More details have surfaced on Touch ID, the fingerprint sensor built into the iPhone 5s’s home button. Apple briefly demoed the feature onstage at Tuesday’s keynote, and now we know a little more about how it actually works.
Security is obviously a hot topic for Apple, and the company is stressing that Touch ID is a more secure form of authentication than simply entering a password.
In the announcement video for Touch ID, Apple’s Dan Riccio said the sensor takes a “high-resolution image of your fingerprint” and stores it in an enclave of the phone’s A7 processor where nothing else can access it. The idea of your phone storing images of your fingerprint at all can be a little unnerving. Apple has clarified that Touch ID doesn’t take images, but rather stores “fingerprint data” only, according to The Wall Street Journal.
Your fingerprint was pitched as the “key you always have with you” during Tuesday’s keynote, and Apple is taking advantage of the feature’s ease of use by allowing users to authenticate iTunes Store purchases. You don’t have to enable Touch ID at all for even unlocking the 5s, but Apple is betting that most users will leave it on.
A security feature in Touch ID is that it requires a backup passcode. “Only that passcode (not a finger) can unlock the phone if the phone is rebooted or hasn’t been unlocked for 48 hours,” according to the Journal. “This feature is meant to block hackers from stalling for time as they try to find a way to circumvent the fingerprint scanner.”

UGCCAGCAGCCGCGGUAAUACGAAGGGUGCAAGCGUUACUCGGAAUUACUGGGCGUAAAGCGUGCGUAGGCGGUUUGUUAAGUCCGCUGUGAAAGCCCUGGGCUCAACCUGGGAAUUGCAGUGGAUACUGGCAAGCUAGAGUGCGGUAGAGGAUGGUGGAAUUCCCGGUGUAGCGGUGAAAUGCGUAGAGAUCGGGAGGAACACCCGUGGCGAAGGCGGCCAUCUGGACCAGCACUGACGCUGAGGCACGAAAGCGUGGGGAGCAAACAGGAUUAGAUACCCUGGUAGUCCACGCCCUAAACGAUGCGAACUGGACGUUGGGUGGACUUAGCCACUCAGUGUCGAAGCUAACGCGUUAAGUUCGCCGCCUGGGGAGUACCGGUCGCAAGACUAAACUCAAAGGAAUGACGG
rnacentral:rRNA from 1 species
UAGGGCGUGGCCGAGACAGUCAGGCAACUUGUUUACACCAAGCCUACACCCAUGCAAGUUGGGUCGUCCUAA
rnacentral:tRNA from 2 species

Touch ID can recognize up to five fingerprints, so you can store prints of your significant other. David Pogue of The New York Times explains:
You can teach it to recognize up to five fingers, yours or a loved one’s; teaching it involves opening the Settings app and tapping the Home button about a dozen times, as the phone builds a more and more complete picture of your whorls, loops and arches.
Apple has said that it won’t let third-party developers access Touch ID, but Pogue notes that it may eventually happen. Siri was kept closed for awhile before Apple started extending access to select companies.
O, and wet or sweaty fingers won’t work well with Touch ID. Go figure.
- Source The Wall Street Journal